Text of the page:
Have you read the actual text of the agreement, Frank, or are you too busy lmao-ing to read these days?

  3. Charles Manning says:

    The issues concerning “the Iran deal” deserve our attention, even though Ben Carson seems not to have the matter in focus. Opponents base their opposition on two principal claims:

    1. The economic sanctions now in place are a vital part of stopping Iran from obtaining the power to threaten or destroy its enemies, including Israel. Approving the Iran deal will result in the sanctions being lifted.

    2. If the agreement is approved, Iran won’t comply with it, thereby thwarting the objectives of a) depriving Iran of most of the centrifuges it needs to enrich uranium, b) reducing reduce Iran’s stockpile of enriched uranium by 98 percent, c) establishing inspection and reporting measures to ensure compliance, with access to previously undisclosed locations throughout Iran’s nuclear supply chain, and d) including an agreement reaffirming Iran’s long-standing pledge that it will never seek, develop or acquire nuclear weapons.

    Do you agree with me that the Obama administration hasn’t persuasively answered these claims? What do you think the administration should be saying?

  4. Peregrin Wood says:

    No, I don’t agree that the Obama Administration hasn’t persuasively answered these claims. They’ve addressed them directly, and with detail.

    What’s happened is that the right wing has reacted in the same way that they react to the demagoguery of Donald Trump: They ignore key facts, make up their own fantasy facts, and commit to believing what they want to believe, with the aid of talking heads who deliver them their lines. The more outrageous the claims, the more likely the Republican base is to embrace them.

    Take a look at

    It’s a document that the Obama Administration developed to counter the misinformation being spread by the Republicans. The fact that they’ve used this material persuasively is shown by the fact that Congress, though controlled by Republicans, is proving unable to pass legislation to stop the agreement with Iran.

    Let me address your points myself, though:

    1. The economic sanctions now in place have not been effective in stopping Iran from obtaining the ability to create nuclear weapons. Iran has developed that ability in spite of sanctions. What the sanctions have been useful for is getting Iran to the negotiating table, where a good deal to prevent development of nuclear weapons by Iran has been brokered.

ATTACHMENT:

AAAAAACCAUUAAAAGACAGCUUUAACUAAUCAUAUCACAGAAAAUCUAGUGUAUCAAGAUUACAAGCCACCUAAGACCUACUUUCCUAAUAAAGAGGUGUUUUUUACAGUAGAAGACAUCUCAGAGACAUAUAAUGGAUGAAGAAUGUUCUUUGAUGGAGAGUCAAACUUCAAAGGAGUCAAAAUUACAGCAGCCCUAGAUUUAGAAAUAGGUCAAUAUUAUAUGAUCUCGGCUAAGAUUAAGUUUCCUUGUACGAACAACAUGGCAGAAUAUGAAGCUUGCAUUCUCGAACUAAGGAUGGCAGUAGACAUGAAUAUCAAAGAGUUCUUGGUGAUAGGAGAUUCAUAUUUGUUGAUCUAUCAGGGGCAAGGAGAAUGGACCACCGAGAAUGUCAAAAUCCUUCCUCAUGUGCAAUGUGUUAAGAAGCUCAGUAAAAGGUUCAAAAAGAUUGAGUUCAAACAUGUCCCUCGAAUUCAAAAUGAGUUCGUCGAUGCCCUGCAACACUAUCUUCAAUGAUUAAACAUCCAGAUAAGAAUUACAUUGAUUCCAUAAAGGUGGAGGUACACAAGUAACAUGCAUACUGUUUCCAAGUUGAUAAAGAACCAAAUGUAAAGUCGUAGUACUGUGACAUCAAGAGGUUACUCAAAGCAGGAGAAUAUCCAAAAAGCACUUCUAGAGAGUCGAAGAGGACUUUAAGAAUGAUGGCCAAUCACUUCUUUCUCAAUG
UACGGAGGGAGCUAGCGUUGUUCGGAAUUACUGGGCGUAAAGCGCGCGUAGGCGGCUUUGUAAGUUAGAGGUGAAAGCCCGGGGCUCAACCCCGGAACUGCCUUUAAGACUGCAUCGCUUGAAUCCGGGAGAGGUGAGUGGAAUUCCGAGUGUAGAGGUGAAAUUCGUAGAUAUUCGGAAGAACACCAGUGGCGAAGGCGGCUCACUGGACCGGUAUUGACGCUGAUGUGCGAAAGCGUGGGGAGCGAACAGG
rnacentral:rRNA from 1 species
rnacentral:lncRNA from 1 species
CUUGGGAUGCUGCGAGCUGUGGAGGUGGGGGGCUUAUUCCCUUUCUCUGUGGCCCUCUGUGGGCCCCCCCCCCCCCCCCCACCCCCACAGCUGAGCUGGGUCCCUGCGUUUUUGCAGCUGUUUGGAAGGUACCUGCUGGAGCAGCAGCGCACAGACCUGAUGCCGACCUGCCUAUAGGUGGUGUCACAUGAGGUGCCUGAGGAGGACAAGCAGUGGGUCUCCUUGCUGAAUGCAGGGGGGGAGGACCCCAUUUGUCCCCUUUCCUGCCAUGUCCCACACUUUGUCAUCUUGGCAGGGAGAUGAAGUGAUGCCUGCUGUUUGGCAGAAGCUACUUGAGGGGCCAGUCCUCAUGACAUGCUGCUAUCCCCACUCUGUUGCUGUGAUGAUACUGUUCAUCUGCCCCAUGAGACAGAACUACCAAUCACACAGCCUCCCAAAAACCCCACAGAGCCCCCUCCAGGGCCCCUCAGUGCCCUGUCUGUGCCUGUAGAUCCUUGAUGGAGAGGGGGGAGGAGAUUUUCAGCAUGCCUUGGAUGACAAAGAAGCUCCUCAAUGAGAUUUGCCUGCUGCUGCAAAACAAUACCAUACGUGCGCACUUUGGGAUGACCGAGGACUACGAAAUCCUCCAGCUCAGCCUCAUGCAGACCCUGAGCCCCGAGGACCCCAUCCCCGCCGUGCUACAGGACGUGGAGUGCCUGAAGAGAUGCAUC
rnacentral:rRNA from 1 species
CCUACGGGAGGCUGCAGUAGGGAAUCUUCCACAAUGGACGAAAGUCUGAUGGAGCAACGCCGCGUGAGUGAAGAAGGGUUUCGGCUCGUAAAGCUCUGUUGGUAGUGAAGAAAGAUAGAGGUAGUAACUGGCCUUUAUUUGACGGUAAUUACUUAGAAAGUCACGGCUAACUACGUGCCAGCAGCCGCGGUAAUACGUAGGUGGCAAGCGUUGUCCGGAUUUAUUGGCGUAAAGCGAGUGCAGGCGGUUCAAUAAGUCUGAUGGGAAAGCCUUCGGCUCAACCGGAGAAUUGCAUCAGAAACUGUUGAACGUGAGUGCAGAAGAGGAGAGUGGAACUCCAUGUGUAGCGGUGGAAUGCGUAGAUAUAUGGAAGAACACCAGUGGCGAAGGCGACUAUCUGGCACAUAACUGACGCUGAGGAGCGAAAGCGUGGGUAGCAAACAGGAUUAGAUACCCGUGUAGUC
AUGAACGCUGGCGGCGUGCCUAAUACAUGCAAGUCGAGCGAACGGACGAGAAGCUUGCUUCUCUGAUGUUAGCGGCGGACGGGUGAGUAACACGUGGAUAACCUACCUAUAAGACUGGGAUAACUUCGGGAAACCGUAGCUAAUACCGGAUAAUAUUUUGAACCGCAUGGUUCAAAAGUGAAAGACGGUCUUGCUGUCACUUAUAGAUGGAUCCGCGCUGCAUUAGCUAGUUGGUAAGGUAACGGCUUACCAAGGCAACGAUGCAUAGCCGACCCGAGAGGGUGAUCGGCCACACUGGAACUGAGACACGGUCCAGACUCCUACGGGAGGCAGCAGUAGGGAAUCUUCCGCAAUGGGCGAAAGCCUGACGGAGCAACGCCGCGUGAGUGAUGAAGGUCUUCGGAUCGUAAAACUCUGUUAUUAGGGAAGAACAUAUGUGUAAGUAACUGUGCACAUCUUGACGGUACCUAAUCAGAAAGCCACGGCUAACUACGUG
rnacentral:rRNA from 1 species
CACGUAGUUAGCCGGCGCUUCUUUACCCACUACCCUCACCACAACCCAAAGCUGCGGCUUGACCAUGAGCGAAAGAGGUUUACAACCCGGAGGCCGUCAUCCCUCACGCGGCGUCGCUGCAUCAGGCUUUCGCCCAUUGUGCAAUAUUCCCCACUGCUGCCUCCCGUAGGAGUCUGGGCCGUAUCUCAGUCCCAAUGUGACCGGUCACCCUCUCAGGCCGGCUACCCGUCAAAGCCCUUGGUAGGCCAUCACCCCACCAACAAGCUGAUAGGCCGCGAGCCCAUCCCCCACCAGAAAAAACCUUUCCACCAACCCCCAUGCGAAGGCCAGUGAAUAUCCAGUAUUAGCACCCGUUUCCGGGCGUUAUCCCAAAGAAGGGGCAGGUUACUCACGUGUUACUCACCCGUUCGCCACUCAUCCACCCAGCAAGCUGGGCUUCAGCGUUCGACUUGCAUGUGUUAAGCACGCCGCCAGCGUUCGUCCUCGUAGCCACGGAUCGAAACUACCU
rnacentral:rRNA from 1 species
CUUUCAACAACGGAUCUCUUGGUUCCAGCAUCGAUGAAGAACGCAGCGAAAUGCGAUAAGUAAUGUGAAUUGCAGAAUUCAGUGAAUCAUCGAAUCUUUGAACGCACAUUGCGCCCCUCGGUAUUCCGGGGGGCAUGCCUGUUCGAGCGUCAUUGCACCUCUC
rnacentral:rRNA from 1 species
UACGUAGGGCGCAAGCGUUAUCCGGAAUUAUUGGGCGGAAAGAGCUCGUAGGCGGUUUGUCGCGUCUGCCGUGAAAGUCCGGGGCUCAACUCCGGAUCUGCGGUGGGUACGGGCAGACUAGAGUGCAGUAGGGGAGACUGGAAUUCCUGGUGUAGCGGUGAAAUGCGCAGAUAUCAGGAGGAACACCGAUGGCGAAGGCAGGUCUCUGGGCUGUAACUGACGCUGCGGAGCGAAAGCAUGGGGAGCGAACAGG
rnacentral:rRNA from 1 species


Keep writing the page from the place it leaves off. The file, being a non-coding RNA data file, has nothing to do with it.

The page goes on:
2. If Iran doesn’t comply with it, we will know about it, because of a strict regime of inspections and constant monitoring. If Iran breaks the deal, then the sanctions go back in place. That’s part of the deal.

  5. Charles Manning says:

    Thanks for citing the PDF, and for your response to the points I raised.

    Allow me to address further my first point. This statement appears on page 8 of the PDF: “Meanwhile, we will be keeping in place other unilateral sanctions that relate to non-nuclear issues, such as support for terrorism and human rights abuses.” This fact is never mentioned in the major media reports; even you didn’t mention it. I’m sure the vast majority of Americans believe that all sanctions will be lifted once the Iran deal is implemented. But President Obama’s statement beginning on page 79 is to the contrary. He says on pages 81 and 83:

    “And over the course of the next decade, Iran must abide by the deal before additional sanctions are lifted, including five years for restrictions related to arms, and eight years for restrictions related to ballistic missiles. . . . Meanwhile, we will maintain our own sanctions related to Iran’s support for terrorism, its ballistic missile program, and its human rights violations.”

    My quarrel with this is that it’s buried in the language about nuclear weapons. It should be treated as a major reason for approving the Iran deal. I’m unsure whether Iran will stand for the continuance of the sanctions against terrorism, ballistic missiles, and human rights violations. I haven’t seen that mentioned in the media. My impression is that Iran might back out of the deal because of those sanctions. Do you disagree?

    Iran has no intention of producing or using nuclear weapons. If it did, it could easily, I think, obtain them from other nuclear powers, such as North Korea. The real and immediate threat from Iran is its use of conventional weapons, as in the proxy war in Yemen. Or so it seems to me. So I wish Obama would emphasize more the sanctions that will remain after the Iran deal is approved. We need a fuller discussion of that, including what sanctions we’re talking about. And perhaps most importantly, we need to know if those sanctions are working.